This paper accompanies the report Medical use of cannabis and cannabinoids — questions and answers for policymaking and summarises the findings of major systematic reviews of the evidence on the effectiveness and safety of cannabis and cannabinoids when used to treat symptoms of various medical conditions. It provides more detail on topics summarised in the main report, in particular on the sections on the available evidence on the effectiveness of medical use of cannabis and cannabinoids and those on the health risks and potential unintended consequences associated with the medical use of cannabis and cannabinoids.
The first section of this paper summarises in detail the conclusions of three influential peer-reviewed publications (Koppel et al., 2014; NASEM, 2017; Whiting et al., 2015). These reviews evaluated all the published evidence on the efficacy and safety of cannabis for multiple medical uses. They used a clearly specified search strategy to identify studies, clear rules for deciding which studies to include and exclude, standardised criteria for evaluating the degree of bias in the studies and explicit criteria for synthesising the overall evidence.
The paper then summarises the findings of systematic reviews and meta-analyses of the evidence on the effectiveness of cannabinoids in treating chronic pain; chemotherapy induced nausea and vomiting in cancer patients; appetite stimulation in HIV/AIDS; intractable epilepsy; and palliative care for cancer. All these reviews used explicit search criteria, standardised tools for assessing study bias and explicit methods of synthesising the overall findings. Their degree of agreement is also summarised in a table.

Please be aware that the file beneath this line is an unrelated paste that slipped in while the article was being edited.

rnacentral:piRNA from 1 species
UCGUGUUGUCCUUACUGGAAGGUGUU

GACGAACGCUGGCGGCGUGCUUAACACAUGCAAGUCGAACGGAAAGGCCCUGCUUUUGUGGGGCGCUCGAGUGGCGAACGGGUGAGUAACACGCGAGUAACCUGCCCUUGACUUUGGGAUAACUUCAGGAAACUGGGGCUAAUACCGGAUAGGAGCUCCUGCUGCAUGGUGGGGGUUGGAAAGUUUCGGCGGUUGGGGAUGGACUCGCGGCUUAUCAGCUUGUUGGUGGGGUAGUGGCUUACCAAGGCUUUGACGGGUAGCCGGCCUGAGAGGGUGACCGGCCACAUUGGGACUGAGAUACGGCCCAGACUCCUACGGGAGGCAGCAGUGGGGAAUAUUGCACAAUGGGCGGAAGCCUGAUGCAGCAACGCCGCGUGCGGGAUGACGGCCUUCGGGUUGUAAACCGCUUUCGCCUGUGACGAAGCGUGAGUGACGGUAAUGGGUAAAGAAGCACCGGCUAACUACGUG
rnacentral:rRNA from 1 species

A third section summarises reviews of the adverse effects of medical use of cannabis as indicated in randomised controlled clinical trials. The section includes the results of a meta-analysis of adverse effects reported in clinical trials conducted by Whiting et al. (2015). The section also considers long-term harms reported among recreational cannabis users that may be potential adverse effects of long-term medical use of cannabis and cannabinoids.
Finally, the paper includes an overview of studies, primarily conducted in the US, that explore the potential unintended consequences of the medical use of cannabis and cannabinoids.
Cannabis and cannabinoids have been made available in a wide range of forms, and the various products and preparations tended to be described in different ways in different publications. While the main report uses a new typology in describing the different forms in which cannabis and cannabinoids are made available, we have chosen in the background paper to use the original terminology from the studies under consideration.